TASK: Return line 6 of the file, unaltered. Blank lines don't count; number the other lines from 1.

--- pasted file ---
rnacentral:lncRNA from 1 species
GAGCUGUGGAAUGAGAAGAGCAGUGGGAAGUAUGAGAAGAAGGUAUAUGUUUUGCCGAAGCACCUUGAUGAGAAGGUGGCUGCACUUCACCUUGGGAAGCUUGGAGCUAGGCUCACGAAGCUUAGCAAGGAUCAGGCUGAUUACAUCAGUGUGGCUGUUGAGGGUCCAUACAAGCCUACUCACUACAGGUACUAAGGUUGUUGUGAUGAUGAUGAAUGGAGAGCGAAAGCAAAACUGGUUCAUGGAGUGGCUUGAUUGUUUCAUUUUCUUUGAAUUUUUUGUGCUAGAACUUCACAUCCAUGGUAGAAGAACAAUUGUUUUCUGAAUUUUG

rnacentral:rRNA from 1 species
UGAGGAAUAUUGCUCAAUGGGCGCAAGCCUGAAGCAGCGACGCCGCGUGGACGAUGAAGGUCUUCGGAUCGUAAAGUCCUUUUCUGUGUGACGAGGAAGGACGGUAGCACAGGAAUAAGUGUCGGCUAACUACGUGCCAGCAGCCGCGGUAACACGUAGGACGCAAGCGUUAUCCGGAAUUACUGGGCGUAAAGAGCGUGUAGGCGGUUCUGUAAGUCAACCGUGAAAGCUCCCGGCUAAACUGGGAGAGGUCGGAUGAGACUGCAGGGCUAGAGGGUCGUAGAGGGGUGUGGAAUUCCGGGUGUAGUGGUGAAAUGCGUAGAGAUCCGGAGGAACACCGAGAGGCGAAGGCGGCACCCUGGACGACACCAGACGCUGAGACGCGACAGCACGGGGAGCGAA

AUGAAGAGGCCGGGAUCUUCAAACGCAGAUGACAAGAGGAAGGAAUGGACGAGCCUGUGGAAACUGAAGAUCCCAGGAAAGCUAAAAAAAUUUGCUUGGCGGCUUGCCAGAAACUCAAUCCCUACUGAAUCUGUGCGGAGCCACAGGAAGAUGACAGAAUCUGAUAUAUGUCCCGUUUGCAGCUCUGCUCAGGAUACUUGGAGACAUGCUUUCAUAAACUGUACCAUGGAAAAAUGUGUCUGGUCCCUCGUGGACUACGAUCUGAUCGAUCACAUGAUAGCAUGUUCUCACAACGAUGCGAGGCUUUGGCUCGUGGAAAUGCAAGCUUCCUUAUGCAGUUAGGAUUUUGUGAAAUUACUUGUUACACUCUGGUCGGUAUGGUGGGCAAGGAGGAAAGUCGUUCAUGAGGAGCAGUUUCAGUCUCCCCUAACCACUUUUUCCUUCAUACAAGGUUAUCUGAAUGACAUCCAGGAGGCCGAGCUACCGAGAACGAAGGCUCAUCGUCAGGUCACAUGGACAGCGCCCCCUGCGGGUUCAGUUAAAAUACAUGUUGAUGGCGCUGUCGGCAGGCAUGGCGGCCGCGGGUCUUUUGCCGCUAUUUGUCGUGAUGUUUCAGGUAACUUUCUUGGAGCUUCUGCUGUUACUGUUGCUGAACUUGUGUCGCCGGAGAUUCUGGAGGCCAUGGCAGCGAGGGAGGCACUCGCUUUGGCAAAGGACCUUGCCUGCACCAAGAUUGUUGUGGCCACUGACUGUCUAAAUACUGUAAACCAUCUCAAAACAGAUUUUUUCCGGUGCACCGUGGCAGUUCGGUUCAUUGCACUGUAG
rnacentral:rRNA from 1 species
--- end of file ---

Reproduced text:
rnacentral:rRNA from 1 species